Where do Your Loyalties Lie? A Casual Conversation

“What was that flash?!”

Two astronauts hovering around in the International Space Station hopelessly stare out the window as a large flash of light transcends from North America. “Was that a meteor that just struck the US?” one terrified astronaut asks the other.

“no…” a third voice whispers from the shadows. “That was the start of a CCC.”


Casual Car Conversation (CCC)

By: Mr. Power & Mr. Slide

We start these conversations with simple, yet thought provoking, questions. This week’s will be, “What side of the fence are you on in the great turbo vs. natural aspiration debate?”



Mr. Slide: Do people really love naturally aspirated engines? Or are they a dinosaurs’ technology that folks are too afraid to stray from?


Mr. Power: I think naturally aspirated engines evoke a certain emotion when inside a super-exotic or beefy muscle car. These types of engines bring three things to the table; better acoustics, linear power delivery, and in some cases easier general maintenance. That being said, in this day in age, people should not be shy about purchasing a turbo charged car. They provide more usable power and better fuel economy.


Mr. S: That’s true, can’t beat the sweet, bellowing, sound of a juicy V8 motoring up though.


Mr. P: Turbo charged cars bring a lot to the table when they are done right. Just look at the Mercedes AMG division. Leave it to the Germans to maintain the boisterous roots of the V8 while delivering even more power. I like the idea of turbo charged cars because they put an emphasis on efficiency, while again, adding more flare and usable power.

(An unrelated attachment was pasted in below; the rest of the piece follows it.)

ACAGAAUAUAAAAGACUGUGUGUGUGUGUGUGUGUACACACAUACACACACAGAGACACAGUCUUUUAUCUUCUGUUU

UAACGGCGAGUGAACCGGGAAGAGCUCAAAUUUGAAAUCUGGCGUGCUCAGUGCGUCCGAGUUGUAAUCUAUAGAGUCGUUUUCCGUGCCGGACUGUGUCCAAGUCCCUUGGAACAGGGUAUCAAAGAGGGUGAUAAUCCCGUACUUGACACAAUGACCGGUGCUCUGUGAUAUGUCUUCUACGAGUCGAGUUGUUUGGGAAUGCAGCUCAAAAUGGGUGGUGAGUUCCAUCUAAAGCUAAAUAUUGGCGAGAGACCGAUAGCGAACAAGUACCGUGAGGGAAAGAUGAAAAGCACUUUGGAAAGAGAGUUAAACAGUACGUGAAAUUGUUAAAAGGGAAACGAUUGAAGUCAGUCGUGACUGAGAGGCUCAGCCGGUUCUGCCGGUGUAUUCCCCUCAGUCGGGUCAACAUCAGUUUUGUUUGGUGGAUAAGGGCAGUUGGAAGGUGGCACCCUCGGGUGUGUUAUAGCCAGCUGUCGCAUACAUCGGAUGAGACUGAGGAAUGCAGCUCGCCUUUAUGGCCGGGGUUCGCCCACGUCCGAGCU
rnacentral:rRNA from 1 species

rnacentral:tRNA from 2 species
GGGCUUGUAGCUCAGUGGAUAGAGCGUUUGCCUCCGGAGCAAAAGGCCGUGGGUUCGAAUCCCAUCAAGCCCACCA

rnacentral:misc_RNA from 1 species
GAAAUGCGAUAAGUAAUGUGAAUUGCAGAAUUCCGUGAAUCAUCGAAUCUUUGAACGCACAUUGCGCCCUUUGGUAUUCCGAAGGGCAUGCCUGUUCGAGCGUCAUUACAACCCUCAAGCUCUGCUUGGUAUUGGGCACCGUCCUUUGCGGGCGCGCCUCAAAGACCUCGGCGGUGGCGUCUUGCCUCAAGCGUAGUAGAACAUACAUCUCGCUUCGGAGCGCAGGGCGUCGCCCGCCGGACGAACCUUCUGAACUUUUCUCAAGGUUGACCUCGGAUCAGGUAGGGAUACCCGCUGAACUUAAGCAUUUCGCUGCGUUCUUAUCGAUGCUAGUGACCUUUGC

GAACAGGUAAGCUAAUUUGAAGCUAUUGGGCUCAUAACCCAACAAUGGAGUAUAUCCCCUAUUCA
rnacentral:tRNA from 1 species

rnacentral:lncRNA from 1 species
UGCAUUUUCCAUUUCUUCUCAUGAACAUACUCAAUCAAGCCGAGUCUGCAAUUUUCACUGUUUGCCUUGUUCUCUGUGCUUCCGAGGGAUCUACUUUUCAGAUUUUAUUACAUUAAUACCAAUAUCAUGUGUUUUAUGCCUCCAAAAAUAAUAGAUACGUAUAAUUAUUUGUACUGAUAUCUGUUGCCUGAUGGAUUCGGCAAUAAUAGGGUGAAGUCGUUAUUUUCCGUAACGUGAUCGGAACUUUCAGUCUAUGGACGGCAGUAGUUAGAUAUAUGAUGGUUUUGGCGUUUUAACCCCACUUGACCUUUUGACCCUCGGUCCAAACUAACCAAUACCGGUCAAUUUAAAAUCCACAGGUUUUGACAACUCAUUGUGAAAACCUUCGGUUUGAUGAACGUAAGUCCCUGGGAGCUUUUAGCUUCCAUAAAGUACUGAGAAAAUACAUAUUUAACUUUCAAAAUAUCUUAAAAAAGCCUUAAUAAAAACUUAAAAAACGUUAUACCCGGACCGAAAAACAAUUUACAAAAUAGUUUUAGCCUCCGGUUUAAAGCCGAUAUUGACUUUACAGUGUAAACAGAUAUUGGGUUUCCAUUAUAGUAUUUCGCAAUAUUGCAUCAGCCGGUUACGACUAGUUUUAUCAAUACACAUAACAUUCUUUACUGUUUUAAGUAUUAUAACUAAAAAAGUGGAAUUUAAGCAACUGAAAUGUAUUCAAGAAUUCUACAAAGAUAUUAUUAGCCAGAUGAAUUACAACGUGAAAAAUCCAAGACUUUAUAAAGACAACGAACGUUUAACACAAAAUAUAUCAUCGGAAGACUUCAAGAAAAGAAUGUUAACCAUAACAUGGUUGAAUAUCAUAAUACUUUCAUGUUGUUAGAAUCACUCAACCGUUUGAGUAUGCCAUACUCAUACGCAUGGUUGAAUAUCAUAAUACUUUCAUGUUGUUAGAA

Mr. S: One thing about turbos though is that they are EXPENSIVE to fix and you’d need a second mortgage to replace one. I too enjoy their sparkle, but wonder if turbos are in the cards for all car companies. It would be blasphemous for say Mazda to make a turbo charged Miata in-house. A lot of cars just fit natural aspiration.


Mr. P: This is very true. However show me a mainstream car manufacture that doesn’t produce a turbo! The way I look at is that turbos have actually come to save superb naturally aspirated cars — like the Miatas and Audi R8s. Cars that emphasize true driving pleasure will always serve as an oasis for their consumers. They will only become more special and unique as more turbos hit the streets.


Mr. S: The turbocharger, another great piece of engineering stolen from the racing world and adopted into ours.


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